Donna L. Halper
Asst. Professor of Communication
Lesley University Cambridge, MA

1937 was a very good year for radio. It was estimated that over 80% of the population had at least one radio, and millions now had radios in their cars. There was a lot going on in 1937, and often, radio was a major part of it. Sometimes, radio's participation was accidental-- such as at the time of the tragic crash of the German airship, the Hindenberg. WLS and NBC announcer Herb Morrison had come to New Jersey to do a routine voice-over for a newsreel; suddenly, before his eyes, the airship exploded and burst into flames-- Morrison ended up reporting something that was far from routine-- an emotional on-the-scene description of a calamity nobody had expected. (In a foreshadowing of modern events, the newspapers immediately rushed to the conclusion that sabotage was the cause, and the tabloids printed numerous unfounded rumours for days...)

Radio was on the scene more and more by 1937, as technology improved and stations gradually were able to cover more news. The networks covered the coronation of the new king of England, George VI, and the disappearance of aviatrix Amelia Earhart was as big a story for radio as it was for the newspapers. Perhaps you listened to Lowell Thomas on NBC to get his opinion about the latest events. (On the other hand, if your preference was gossip, you could always count on Walter Winchell, who was also on NBC...) CBS had its share of news too (Edward R. Murrow, who had joined CBS in 1935, was now the director of the network's European bureau, and the legendary H.V. Kaltenborn still did news commentary); and 1937 was the first year CBS brought you newspaperwoman and magazine writer Mary Margaret McBride, who did a highly respected talk show. And one other word about news-- 1937 was the year Guglielmo Marconi died. In his honour, radio stations all across the country observed several minutes of silence.

1937 was quite a year for hearing some performers who would soon become stars, as well as some who had been stars in film or vaudeville and were now on the air. W.C. Fields made his radio debut in 1937 on the Chase and Sanborn Hour, and Red Skelton moved over to radio with guest appearances on the Rudy Vallee Show. Making their debut in 1937 on NBC were Edgar Bergen and Charlie McCarthy-- although at first, the dummy rather than the ventriloquist got top billing-- it was first called the Charlie McCarthy Show. Arturo Toscanini became the conductor of the NBC Symphony Orchestra in 1937.

As for stars who were still on the air and doing well, you were very happy to hear beloved soprano Jessica Dragonette, who was on CBS in 1937 and sponsored by Palmolive Soap. Don Ameche, who had appeared in soap operas for a while, was now the MC of the Chase and Sanborn Hour. (Mae West made an appearance on the show in December and her risque dialog prompted hundreds of complaints.) A young man named Orson Welles took over as the voice of "The Shadow" in 1937. And if you lived in New York, you were especially grateful to radio and to Mayor Fiorello LaGuardia who read the daily comics over the air and also read some news reports during the newspaper strike. And speaking of New York, the Lincoln Tunnel opened in 1937.

In 1937, you were among the many who were impressed by the new Golden Gate Bridge in San Francisco-- approximately 200,000 people crossed it the first day it opened. And speaking of modern marvels, several companies were now offering push-button radios; Motorola even offered this feature for the car radio-- no more turning the dials while trying to concentrate on the road.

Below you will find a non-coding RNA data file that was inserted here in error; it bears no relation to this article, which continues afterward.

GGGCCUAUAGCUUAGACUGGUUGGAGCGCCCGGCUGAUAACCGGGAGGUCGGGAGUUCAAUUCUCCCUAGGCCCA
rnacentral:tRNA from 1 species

Spencer Tracy won a well-deserved Academy Award for Best Actor in Captains Courageous. The Andrews Sisters had a huge hit with "Bei Mir Bist Du Schoen". Other hits in 1937 included "Muskrat Ramble", "In the Still of the Night", and "Pennies from Heaven." Walt Disney was having great success with Snow White and the Seven Dwarfs-- and it was in colour! Margaret Mitchell won a Pulitzer Prize for her novel Gone With the Wind. The Yankees won the World Series.

1937 was the year when Robert Redford was born, as were Bill Cosby and Mary Tyler Moore. FDR was still president and still doing radio talks. The average annual income was now $1,788; a new car cost $760, a loaf of bread was 9 cents, a gallon of milk was 50 cents. Nylon was invented in 1937, and some rudimentary binary calculators were being marketed. Chester Carlson invented a method of photocopying, and in France, the first anti-histamines were developed.

Among the popular soap operas you might have heard in 1937 were The Romance of Helen Trent on CBS and The Guiding Light on NBC. Still popular (and in some quarters still controversial), Amos and Andy continued to get good ratings; also popular and far less controversial were Lum and Abner and Fibber McGee and Molly. If you wanted culture, CBS was offering Claude Rains in Julius Caesar while NBC brought you John Barrymore in Taming of the Shrew. And if crime drama was your preference, Phil Lord was on the air with Gangbusters. And there were westerns too-- perhaps you listened on Mutual to The Lone Ranger.

Although war was on the horizon in Europe, most Americans were feeling positive that the economy had improved. Radio seemed to offer endless variety (although few were aware of a man named Edwin Howard Armstrong who was busily perfecting his latest invention-- FM) and new experiments with television were beginning to show some promise. But in 1937, there wasn't much talk yet about TV-- it was another very good year to be a radio fan, and as you read magazines like Radio Guide or Radio Stars, you were glad to be a part of radio's Golden Age...

Fast Forward to 1939
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Text and images courtesy of Donna Halper

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